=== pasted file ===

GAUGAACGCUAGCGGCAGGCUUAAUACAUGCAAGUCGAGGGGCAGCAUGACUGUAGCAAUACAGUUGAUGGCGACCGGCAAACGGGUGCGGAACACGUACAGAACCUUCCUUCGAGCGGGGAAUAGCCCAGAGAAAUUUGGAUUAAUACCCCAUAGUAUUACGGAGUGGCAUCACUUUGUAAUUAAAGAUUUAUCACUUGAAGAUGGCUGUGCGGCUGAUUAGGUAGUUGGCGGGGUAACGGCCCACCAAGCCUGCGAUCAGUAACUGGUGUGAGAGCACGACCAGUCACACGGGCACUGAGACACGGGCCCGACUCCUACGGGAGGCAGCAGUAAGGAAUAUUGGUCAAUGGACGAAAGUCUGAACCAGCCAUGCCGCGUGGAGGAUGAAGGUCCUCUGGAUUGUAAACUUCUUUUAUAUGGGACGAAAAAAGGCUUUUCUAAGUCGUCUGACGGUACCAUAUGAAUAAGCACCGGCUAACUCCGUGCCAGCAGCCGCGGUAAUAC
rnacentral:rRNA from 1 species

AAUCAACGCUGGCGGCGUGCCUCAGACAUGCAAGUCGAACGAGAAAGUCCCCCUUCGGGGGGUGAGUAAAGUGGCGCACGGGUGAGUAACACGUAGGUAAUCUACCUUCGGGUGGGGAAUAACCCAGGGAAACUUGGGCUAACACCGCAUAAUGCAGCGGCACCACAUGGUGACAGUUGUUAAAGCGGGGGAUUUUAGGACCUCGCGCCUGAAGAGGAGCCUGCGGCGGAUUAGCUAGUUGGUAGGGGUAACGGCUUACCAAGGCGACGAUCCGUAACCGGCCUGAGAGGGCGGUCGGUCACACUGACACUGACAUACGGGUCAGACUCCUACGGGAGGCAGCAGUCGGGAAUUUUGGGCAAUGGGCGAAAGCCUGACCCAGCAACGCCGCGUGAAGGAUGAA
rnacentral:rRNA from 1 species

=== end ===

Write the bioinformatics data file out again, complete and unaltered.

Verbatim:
GAUGAACGCUAGCGGCAGGCUUAAUACAUGCAAGUCGAGGGGCAGCAUGACUGUAGCAAUACAGUUGAUGGCGACCGGCAAACGGGUGCGGAACACGUACAGAACCUUCCUUCGAGCGGGGAAUAGCCCAGAGAAAUUUGGAUUAAUACCCCAUAGUAUUACGGAGUGGCAUCACUUUGUAAUUAAAGAUUUAUCACUUGAAGAUGGCUGUGCGGCUGAUUAGGUAGUUGGCGGGGUAACGGCCCACCAAGCCUGCGAUCAGUAACUGGUGUGAGAGCACGACCAGUCACACGGGCACUGAGACACGGGCCCGACUCCUACGGGAGGCAGCAGUAAGGAAUAUUGGUCAAUGGACGAAAGUCUGAACCAGCCAUGCCGCGUGGAGGAUGAAGGUCCUCUGGAUUGUAAACUUCUUUUAUAUGGGACGAAAAAAGGCUUUUCUAAGUCGUCUGACGGUACCAUAUGAAUAAGCACCGGCUAACUCCGUGCCAGCAGCCGCGGUAAUAC
rnacentral:rRNA from 1 species

AAUCAACGCUGGCGGCGUGCCUCAGACAUGCAAGUCGAACGAGAAAGUCCCCCUUCGGGGGGUGAGUAAAGUGGCGCACGGGUGAGUAACACGUAGGUAAUCUACCUUCGGGUGGGGAAUAACCCAGGGAAACUUGGGCUAACACCGCAUAAUGCAGCGGCACCACAUGGUGACAGUUGUUAAAGCGGGGGAUUUUAGGACCUCGCGCCUGAAGAGGAGCCUGCGGCGGAUUAGCUAGUUGGUAGGGGUAACGGCUUACCAAGGCGACGAUCCGUAACCGGCCUGAGAGGGCGGUCGGUCACACUGACACUGACAUACGGGUCAGACUCCUACGGGAGGCAGCAGUCGGGAAUUUUGGGCAAUGGGCGAAAGCCUGACCCAGCAACGCCGCGUGAAGGAUGAA
rnacentral:rRNA from 1 species